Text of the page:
" UCLA is the only contender," Harter said prophetically before the games. "The league hasn't shown we can handle the Bruins yet." But neither northern coach was overlooking the other invader. Harter has never beaten USC, and Miller could count only two victories against the Trojans. "What USC does is ride UCLA's coattails," said Miller through his cigarette smoke. "Kids can't get up for the Trojans and Bruins on the same weekend."
Be that as it may, USC Coach Bob Boyd believes that his team is better on the road than UCLA. The Trojans tend to miss free throws—15 feet seems out of their range—and, Boyd says, "We don't animalize anybody." Still, they are a smart, veteran outfit, disciplined to take only good shots and, in the team's words, not to "drop their pack."
"That means losing poise," says 6'10" senior John Lambert. "What hurts is we've lost two games, but we know we're the best team in the league."
That may come as a shock to the men of UCLA, who two weeks before had defeated USC at home by five points. The Bruins are a different crew this season, surely less talented than in the Walton years when, Meyers says, "monumental clashes" divided the team, but definitely more cohesive and enthusiastic. They even eat meat.
After much criticism from UCLA fans, Guard Pete Trgovich is playing the best basketball of his career, and there is a welcome absence of the old UCLA arrogance. Meyers even recognizes fallibility. "Good teams make a mess of our press," he said. "I get too tired pressing anyway. We have other weapons. There will be no ambush this week."
On Friday night in Corvallis, Meyers took care of that. Exploiting breakdowns in the UCLA press, Oregon State went ahead by eight points in the first half. But Wooden, turning from Wizard to Juggler, made eight lineup changes in 10 minutes to cut into the lead. After the coach "severely chided" the Bruins at intermission, UCLA scored the first eight points of the second half to take command.
Washington, working around the lane against Shelton, scored 17 points in the period as the Bruins maintained an uneasy lead. With 2:10 left, OSU had a chance to cut the margin to three points when Guard Charlie Neal made a steal and headed for a fast-break layup. But trailing the play was the ferocious Meyers at full bore. Planting his feet, faking an exaggerated swoop-leap and screaming something otherworldly, Meyers terrorized Neal into slamming the ball up on the board so hard it caromed nearly to midcourt. The Spider had gobbled up the fly without even leaving his feet, and UCLA was safe.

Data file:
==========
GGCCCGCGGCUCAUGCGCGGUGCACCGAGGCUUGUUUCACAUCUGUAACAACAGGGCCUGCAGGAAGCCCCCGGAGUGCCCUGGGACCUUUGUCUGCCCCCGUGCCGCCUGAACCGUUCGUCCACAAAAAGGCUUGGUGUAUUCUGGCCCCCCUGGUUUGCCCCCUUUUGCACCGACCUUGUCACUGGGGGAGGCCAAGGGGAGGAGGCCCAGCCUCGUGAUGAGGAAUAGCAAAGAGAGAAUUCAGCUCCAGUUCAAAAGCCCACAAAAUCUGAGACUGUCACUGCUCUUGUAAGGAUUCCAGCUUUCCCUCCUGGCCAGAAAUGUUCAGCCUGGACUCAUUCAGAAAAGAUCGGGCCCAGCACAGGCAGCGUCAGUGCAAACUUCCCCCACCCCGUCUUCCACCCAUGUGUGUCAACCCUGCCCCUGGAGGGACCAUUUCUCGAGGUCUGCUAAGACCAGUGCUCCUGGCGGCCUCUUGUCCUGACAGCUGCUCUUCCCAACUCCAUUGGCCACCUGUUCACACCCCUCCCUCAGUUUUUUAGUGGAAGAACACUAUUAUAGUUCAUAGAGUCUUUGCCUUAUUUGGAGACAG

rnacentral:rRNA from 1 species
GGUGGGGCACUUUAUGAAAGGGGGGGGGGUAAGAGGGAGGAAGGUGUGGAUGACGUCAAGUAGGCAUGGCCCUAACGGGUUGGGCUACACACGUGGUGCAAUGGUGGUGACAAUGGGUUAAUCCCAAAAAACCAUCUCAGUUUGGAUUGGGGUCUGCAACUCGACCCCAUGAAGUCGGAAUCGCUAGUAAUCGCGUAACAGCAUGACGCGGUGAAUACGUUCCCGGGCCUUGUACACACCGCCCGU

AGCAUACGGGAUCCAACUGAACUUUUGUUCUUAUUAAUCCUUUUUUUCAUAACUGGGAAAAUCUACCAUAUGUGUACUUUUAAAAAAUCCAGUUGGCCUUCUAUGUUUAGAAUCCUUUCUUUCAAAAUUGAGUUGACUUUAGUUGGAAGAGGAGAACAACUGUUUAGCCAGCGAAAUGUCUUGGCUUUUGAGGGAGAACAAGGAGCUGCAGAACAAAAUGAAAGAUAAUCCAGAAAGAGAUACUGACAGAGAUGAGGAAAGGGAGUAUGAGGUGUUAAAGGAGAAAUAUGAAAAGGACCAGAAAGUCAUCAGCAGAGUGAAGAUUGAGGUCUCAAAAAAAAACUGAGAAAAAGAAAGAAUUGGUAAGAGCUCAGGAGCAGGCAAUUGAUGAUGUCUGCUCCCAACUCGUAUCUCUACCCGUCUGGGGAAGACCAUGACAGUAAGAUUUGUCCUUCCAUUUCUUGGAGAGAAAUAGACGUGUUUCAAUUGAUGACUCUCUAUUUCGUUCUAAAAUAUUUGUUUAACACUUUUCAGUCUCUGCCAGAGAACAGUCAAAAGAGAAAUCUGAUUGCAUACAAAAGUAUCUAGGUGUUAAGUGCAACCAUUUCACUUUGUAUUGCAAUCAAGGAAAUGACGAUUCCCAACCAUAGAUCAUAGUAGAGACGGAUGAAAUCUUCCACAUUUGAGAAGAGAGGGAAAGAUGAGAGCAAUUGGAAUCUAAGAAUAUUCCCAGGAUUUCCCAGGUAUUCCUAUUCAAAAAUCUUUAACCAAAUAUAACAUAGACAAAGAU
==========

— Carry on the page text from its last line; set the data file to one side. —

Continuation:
Forty miles away in Eugene, Southern Cal and Oregon were unsafe at any speed. In a contest that included 51 turnovers, 19 ties and enough howling madness to encourage mob rule at Oregon's renowned "Pit," the fact that the outcome turned on a technical foul was Pit-iful. But it did and the Ducks' Harter, who said, "We deserved to win," had only himself to blame when they didn't.
The Oregon coach had watched his team come from a 10-point deficit in the first half to go ahead briefly late in the game. But with the score tied at 74 and less than a minute left, the Ducks had three shots at taking the lead and none of them dropped. After the third miss USC freshman Steve Malovic grabbed a rebound and fired a long pass to the elusive Williams who drove in, crashing into Oregon's Mark Barwig as he scored.
It was the kind of foul call that normally goes against the visitors, but this time it did not. Referee Soriano whistled a block on Barwig, and Harter could not restrain himself. Flinging his program, he protested enough to draw a technical and create a six-point play for USC and, ultimately, the gut-wrenching defeat for Oregon.